For those children needing more help, a variety of small group, paired and individual learning opportunities are provided, with interventions tailored to a wide range of needs. These are run by teachers or teaching assistants. The amount of time spent on a particular intervention is entirely determined by individual need.


If children are identified as possibly having a special educational need or disability or are not making expected progress in any area of their development, the school will react in accordance with the policies and practices we have in place (please see Flowchart in Appendix 2).


Escalation of support to SEN Support will include the creation of an Assess, Plan, Do, Review document called a Personal Provision Plan. At this point, the child will be placed on the SEN register by the SENCo. Several documents are then completed with a collaborative approach between school, parents and the child including:

  • A One Page ‘All About Me’ Profile of the child.
  • A Personalised Provision Plan
  • Assessment information for the child
  • A Learning Log - to detail support
  • Any other relevant documentation


4. How will I know how my child is doing?

We have an ‘open door’ policy at Norton St. Nicholas and all parents are encouraged to discuss their children’s progress with their child’s class teacher. There are two formal parents’ evenings in the school year, open classroom afternoons (when parents are invited into the classrooms for an insight into the child’s learning opportunities) and termly reports.


Parents/carers of children on the SEN register will be invited to Person-Centred Planning Meetings each term to discuss, review and agree targets. Children with an Education Health Care Plan (EHCP) will also attend a yearly formal review.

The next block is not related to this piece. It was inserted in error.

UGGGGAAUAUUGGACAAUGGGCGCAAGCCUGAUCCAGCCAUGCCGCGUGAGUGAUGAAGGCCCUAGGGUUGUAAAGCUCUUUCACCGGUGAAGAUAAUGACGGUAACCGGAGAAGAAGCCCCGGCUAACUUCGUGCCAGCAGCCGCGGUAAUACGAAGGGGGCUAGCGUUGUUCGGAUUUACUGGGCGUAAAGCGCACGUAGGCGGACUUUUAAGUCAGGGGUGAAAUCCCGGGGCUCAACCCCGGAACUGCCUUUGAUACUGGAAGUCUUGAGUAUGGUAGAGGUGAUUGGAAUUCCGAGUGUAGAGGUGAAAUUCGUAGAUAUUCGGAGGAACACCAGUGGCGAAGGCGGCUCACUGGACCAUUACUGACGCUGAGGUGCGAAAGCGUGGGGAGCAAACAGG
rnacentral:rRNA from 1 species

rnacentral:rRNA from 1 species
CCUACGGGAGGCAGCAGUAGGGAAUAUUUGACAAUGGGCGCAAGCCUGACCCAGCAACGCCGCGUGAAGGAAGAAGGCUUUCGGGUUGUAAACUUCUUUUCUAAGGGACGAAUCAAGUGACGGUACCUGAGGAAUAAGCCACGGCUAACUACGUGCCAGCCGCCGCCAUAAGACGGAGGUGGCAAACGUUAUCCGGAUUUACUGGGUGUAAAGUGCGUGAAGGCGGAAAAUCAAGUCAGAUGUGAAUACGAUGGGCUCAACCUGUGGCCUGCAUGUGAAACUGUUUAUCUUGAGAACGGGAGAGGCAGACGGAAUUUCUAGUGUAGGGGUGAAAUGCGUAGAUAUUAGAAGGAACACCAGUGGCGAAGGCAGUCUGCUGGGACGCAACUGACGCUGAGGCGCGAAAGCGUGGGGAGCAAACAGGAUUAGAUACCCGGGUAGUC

For those children whose needs are additionally supported by outside agencies, parents will be invited to meetings with these external professionals as appropriate. Home-school communication books may be helpful on some occasions. 


All parents can contact the SENCo by phone 01462 623322, in person (please make an appointment at the school office) or directly by email:


5. How will the learning and development provision be matched to my child’s needs?

Outcomes for any child with SEN will be agreed at the Person-Centred Planning Meetings. Provision and reasonable adjustments for each outcome will be agreed and recorded in a Personalised Provision Plan.  A copy of the Personalised Provision Plan is sent home after the meeting.


The school uses the ‘Assess, Plan, Do, Review’ cycle (known as the ‘graduated response’) to constantly review each child’s progress and make decisions as to the most appropriate form of support for the future. These are regularly reviewed by the class teacher, support staff and SENCo, using the graduated response model.  In addition, reasonable adjustments may need to be made.